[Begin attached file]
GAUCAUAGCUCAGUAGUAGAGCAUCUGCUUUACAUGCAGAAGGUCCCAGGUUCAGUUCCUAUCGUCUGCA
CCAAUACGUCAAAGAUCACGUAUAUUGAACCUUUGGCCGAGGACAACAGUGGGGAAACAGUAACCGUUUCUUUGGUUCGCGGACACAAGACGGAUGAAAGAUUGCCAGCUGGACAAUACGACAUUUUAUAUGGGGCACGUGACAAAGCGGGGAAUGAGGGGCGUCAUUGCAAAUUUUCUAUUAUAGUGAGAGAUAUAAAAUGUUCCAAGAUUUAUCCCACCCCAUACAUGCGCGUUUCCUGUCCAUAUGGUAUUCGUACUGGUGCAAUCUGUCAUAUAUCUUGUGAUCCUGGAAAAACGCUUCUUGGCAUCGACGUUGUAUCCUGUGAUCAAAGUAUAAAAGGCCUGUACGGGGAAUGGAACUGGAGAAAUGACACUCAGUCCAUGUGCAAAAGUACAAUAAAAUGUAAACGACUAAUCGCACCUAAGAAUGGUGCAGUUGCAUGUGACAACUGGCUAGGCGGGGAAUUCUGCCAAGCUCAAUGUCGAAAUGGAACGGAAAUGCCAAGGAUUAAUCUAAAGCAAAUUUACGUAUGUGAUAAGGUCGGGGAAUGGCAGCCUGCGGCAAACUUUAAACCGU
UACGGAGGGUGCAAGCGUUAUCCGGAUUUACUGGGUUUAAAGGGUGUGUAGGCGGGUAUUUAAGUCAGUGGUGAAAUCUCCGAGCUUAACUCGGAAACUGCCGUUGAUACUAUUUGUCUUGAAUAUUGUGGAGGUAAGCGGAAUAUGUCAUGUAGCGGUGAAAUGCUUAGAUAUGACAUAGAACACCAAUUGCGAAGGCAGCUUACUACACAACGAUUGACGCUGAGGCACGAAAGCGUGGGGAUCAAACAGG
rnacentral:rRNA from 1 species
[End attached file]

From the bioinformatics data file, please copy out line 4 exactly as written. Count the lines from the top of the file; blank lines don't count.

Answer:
rnacentral:rRNA from 1 species